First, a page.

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US Hopes to Clinch Milestone Defense Pact With Saudi Arabia Amid Waning Mideast Clout

© AFP 2023 / AHMED MIDOSaudi and US flags flutter on light poles. File photo
Saudi and US flags flutter on light poles. File photo - Sputnik International, 1920, 10.06.2024
National Security Advisor Jake Sullivan indicated in May that the US and Saudi Arabia were inching towards a major deal that would "reshape the Middle East." However, he clarified that the Biden administration would only sign a defense pact with Saudi Arabia if the kingdom agrees to normalize relations with Israel.
The Biden administration is hoping to tuck under its belt a two-for-one megadeal that would secure a US-Saudi security alliance while also encouraging diplomatic ties between Riyadh and Israel. Washington is currently finalizing the text of the defense pact with Saudi Arabia, The Wall Street Journal reported, citing US and Saudi officials.
As US influence in the region continues to wane and its much-publicized Gaza peace-brokering makes little headway, pulling off such a twofer would be a geostrategic coup, the publication acknowledged.
The formal security treaty would commit the US to help defend the Gulf nation, while also helping “entrench the US military role in the Middle East,” the report underscored. Last month, US National Security Advisor Jake Sullivan made it clear in an interview with The Financial Times that Washington and Riyadh were getting closer to a major deal set to "reshape the Middle East."
The US-Saudi deal would include cooperation on a civilian nuclear program, the sale of advanced American-made weapons to Riyadh, and, possibly, a trade agreement.
However, Sullivan added the caveat that such a defense pact would stipulate agreement by the kingdom to normalize relations with Israel.
Saudi Arabia's Foreign Minister Prince Faisal bin Farhan (R) receives US Secretary of State Antony Blinken at the Gulf Cooperation Council (GCC) Secretariat in Riyadh on April 29, 2024.  - Sputnik International, 1920, 05.05.2024
Sullivan Unveils Conditions of Potential ‘Historic’ US Defense Deal With Saudi Arabia
If this ambitious diplomatic push by the US is to have any hope of succeeding, Israel would need to get on board regarding a two-state solution to the Palestine-Israel conflict that has been called for by UN Security Council and Arab states. An immediate end to the war in Gaza is also a prerequisite. But both seem unlikely. The current Israeli government led by Prime Minister Benjamin Netanyahu remains opposed to a pathway toward a two-state solution with the Palestinians. Netanyahu has repeatedly rejected calls for the creation of a Palestinian state, claiming it would become a "terror haven."
Meanwhile, when Sullivan met with Saudi Arabia's Crown Prince Mohammed bin Salman in the kingdom's eastern city of Dhahran to discuss bilateral relations and the Gaza war, the imperative need to end hostilities in Gaza was underscored by Riyadh. Yet, ceasefire talks remain stalled.
The US-Saudi Arabia treaty, officially called the Strategic Alliance Agreement, would need to obtain a two-thirds majority vote in the Senate. Without being linked to a commitment from Saudi Arabia to normalize ties with Israel, such a deal is unlikely to gain support from enough US lawmakers, the WSJ noted.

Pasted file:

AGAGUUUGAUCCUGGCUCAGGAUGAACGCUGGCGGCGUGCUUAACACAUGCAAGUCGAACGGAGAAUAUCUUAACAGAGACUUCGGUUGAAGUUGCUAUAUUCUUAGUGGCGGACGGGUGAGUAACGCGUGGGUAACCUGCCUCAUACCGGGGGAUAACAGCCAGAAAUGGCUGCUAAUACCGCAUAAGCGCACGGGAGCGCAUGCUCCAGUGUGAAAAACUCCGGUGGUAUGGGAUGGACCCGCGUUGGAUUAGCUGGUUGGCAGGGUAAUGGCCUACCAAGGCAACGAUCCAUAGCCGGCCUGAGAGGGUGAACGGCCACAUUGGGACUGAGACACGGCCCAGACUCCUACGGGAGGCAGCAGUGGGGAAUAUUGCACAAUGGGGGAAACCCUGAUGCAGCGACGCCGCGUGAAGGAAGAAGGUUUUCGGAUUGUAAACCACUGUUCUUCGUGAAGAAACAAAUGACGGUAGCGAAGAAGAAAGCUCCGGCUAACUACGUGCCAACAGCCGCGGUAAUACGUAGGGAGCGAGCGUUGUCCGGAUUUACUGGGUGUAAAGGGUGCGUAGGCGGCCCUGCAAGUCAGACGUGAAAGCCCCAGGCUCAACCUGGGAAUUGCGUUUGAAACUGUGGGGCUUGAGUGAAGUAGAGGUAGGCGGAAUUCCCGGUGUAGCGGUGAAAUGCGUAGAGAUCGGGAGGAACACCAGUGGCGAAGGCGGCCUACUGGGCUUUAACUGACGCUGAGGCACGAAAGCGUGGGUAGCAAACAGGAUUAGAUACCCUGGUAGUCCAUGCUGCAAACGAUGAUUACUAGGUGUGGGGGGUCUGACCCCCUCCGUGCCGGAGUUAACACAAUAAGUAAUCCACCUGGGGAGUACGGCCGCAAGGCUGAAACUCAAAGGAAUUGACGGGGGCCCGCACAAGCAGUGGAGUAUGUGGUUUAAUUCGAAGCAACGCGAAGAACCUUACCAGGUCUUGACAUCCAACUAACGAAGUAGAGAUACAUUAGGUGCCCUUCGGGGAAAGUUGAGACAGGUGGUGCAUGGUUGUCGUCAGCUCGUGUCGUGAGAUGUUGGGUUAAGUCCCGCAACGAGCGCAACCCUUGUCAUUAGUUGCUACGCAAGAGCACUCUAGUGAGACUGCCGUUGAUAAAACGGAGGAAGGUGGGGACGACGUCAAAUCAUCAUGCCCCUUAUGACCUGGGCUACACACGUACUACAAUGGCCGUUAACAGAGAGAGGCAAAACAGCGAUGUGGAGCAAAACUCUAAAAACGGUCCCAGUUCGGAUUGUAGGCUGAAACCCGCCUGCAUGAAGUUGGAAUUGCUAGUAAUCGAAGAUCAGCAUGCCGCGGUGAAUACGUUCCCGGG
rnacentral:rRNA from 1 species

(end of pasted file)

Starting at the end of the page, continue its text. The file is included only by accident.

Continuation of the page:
A Palestinian man carries belongings in Beit Lahya in the northern Gaza Strip on May 4, 2024, amid the ongoing conflict between Israel and the militant group Hamas.  - Sputnik International, 1920, 05.05.2024
Is Post-War Gaza Power-Sharing Deal Between Israel and Arab States Feasible?
Israeli leaders have long nurtured hopes of establishing normal relations with Saudi Arabia. The US, which has prided itself on playing a leading role in shaping the region for years, brokering deals with Egypt and Jordan to normalize relations with Israel, has made little progress in recent times. Furthermore, the fact that Arab countries have increasingly been turning to Russia as a mediator over the Gaza war while the US hemorrhages influence cannot but rankle with President Joe Biden. Hence, the mulled defense pact with Saudi Arabia.
At this point, it is interesting to scroll back in time and recall then-presidential hopeful Joe Biden’s irate remarks in 2019-2020, when he vowed to treat Saudi Arabia as a “pariah” state.

Washington’s relationship with Riyadh began to wane after Joe Biden took office in January 2021. Biden, a strong critic of Saudi Crown Prince Mohammed bin Salman, moved to restrict the sale of offensive weapons to the kingdom and published CIA documents accusing him of being behind the 2018 assassination of Jamal Khashoggi, a dissident Saudi journalist connected to the Muslim Brotherhood*. Riyadh has vehemently denied the accusations.

It should be noted that Saudi Arabia along with the United Arab Emirates – considered by the US as strategic allies in the region – have resisted Western calls to sanction and isolate Russia over Ukraine. Instead, they have boosted ties with Moscow, with both Saudi Arabia and Iran recently joining the BRICS economic group. After Biden announced a boycott of Russian energy products in March 2022, the Saudis also refused to cooperate with US requests to increase petroleum production and bring down oil prices.
U.S. President Joe Biden and Russia's President Vladimir Putin  - Sputnik International, 1920, 10.12.2023
Putin Strengthens Relations with Middle Eastern Powers as Biden Flounders
* The Muslim Brotherhood is a terrorist organization banned in Russia.
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